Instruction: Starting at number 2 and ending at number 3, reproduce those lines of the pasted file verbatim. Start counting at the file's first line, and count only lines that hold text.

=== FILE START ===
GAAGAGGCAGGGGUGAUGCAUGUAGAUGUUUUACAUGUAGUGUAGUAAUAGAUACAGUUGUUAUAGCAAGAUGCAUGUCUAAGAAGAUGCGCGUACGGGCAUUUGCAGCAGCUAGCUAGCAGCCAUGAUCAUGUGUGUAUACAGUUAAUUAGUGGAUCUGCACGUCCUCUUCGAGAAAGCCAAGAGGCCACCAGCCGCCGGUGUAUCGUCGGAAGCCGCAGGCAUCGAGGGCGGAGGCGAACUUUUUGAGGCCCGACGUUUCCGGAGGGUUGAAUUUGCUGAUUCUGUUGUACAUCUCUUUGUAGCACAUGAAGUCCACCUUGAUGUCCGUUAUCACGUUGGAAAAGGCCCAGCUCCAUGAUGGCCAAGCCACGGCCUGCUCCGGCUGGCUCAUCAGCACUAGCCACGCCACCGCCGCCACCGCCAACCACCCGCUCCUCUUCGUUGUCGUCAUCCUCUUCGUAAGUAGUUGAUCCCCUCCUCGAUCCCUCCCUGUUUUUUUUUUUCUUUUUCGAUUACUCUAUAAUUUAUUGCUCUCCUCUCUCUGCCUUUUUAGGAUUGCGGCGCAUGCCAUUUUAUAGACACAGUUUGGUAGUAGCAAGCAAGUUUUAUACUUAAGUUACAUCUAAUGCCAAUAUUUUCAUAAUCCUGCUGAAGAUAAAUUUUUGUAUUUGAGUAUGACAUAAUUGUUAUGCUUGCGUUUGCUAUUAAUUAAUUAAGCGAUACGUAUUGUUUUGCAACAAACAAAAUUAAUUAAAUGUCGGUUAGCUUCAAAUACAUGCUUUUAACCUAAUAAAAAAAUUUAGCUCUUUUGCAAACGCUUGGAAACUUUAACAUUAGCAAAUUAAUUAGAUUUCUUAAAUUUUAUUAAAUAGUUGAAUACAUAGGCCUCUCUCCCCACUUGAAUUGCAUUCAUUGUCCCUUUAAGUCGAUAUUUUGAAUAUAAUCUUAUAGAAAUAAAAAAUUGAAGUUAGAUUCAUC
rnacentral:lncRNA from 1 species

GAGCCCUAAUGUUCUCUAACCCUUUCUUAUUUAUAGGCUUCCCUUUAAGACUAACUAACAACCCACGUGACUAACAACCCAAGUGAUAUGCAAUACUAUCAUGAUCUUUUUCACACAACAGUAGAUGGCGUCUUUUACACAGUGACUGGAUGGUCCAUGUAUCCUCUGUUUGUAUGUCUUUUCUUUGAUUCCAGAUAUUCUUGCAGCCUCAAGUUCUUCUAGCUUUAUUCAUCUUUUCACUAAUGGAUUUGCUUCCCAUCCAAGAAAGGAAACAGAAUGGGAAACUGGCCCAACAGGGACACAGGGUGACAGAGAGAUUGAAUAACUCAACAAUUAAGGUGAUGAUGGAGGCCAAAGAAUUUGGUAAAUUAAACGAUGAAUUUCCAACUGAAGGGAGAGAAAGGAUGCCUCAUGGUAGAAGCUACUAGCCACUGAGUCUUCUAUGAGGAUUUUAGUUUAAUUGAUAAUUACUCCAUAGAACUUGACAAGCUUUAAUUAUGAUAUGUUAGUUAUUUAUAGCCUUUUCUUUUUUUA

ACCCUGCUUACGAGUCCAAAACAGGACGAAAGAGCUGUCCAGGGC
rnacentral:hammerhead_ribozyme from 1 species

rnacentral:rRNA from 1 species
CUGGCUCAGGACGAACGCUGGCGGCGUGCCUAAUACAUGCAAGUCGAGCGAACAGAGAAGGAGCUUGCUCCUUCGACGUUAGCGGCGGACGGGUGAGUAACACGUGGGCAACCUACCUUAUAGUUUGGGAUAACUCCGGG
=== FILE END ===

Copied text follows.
rnacentral:lncRNA from 1 species

GAGCCCUAAUGUUCUCUAACCCUUUCUUAUUUAUAGGCUUCCCUUUAAGACUAACUAACAACCCACGUGACUAACAACCCAAGUGAUAUGCAAUACUAUCAUGAUCUUUUUCACACAACAGUAGAUGGCGUCUUUUACACAGUGACUGGAUGGUCCAUGUAUCCUCUGUUUGUAUGUCUUUUCUUUGAUUCCAGAUAUUCUUGCAGCCUCAAGUUCUUCUAGCUUUAUUCAUCUUUUCACUAAUGGAUUUGCUUCCCAUCCAAGAAAGGAAACAGAAUGGGAAACUGGCCCAACAGGGACACAGGGUGACAGAGAGAUUGAAUAACUCAACAAUUAAGGUGAUGAUGGAGGCCAAAGAAUUUGGUAAAUUAAACGAUGAAUUUCCAACUGAAGGGAGAGAAAGGAUGCCUCAUGGUAGAAGCUACUAGCCACUGAGUCUUCUAUGAGGAUUUUAGUUUAAUUGAUAAUUACUCCAUAGAACUUGACAAGCUUUAAUUAUGAUAUGUUAGUUAUUUAUAGCCUUUUCUUUUUUUA